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05-07-2013 07:33 PM  6 years ago
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HeliRyan

rrApprentice

Colusa ca

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Os91h backfire
Brand new motor . Broke in Rich.. Running perfect.. Leaned a couple clicks on the high needle .. And son of gun spuddered and I swore it backfired and died.. At the field flying.. Gonna throw in a another glow plug and see what happens.. Nitro gurus chime in at anytime
Thanks
I don't crash, I land at full speed!
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05-07-2013 07:47 PM  6 years ago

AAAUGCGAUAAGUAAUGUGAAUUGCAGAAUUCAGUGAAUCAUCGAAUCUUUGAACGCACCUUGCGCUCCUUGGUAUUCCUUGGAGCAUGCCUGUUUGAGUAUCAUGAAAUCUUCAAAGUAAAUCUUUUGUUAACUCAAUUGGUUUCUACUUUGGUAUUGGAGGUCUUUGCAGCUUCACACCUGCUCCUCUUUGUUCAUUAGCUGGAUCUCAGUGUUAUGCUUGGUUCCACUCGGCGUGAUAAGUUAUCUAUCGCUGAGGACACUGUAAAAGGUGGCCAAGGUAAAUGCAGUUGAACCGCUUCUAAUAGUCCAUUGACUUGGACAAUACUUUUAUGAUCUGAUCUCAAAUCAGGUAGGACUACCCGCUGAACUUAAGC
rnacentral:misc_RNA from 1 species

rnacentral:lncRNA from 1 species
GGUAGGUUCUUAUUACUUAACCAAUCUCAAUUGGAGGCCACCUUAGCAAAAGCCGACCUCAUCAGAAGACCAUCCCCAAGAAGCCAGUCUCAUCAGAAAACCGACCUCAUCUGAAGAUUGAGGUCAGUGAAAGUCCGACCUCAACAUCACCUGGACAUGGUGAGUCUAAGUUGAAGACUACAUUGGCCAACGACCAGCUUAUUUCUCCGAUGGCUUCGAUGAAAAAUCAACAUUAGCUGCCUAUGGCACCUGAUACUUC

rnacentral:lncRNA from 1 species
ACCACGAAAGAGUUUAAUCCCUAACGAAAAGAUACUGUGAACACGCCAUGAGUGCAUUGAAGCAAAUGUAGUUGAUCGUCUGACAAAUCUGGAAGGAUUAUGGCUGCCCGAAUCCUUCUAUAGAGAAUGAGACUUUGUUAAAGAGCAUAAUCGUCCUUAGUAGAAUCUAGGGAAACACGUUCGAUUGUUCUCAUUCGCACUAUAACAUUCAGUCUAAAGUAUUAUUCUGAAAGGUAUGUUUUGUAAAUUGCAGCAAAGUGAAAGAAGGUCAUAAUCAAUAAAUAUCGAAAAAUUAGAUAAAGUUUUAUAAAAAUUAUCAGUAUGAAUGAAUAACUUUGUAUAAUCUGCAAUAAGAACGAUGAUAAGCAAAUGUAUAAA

Duosport

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Morral, Ohio - USA

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I am no nitro expert by a long shot but only time I had one act like that or run backward I was to lean.
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05-07-2013 07:52 PM  6 years ago
keiser BLADE

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WV USA

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💎Sustaining Member
2nd duosport, I been foolin with nitro for 20 years, since I was 8 years old, being to lean I have had them run backwards. and pop and carry on. im not a expert but I have had my share of tuning. did u happen to put ur finger on the back plate after it came down to see how hot it was?
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05-07-2013 07:55 PM  6 years ago
MartyH

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USA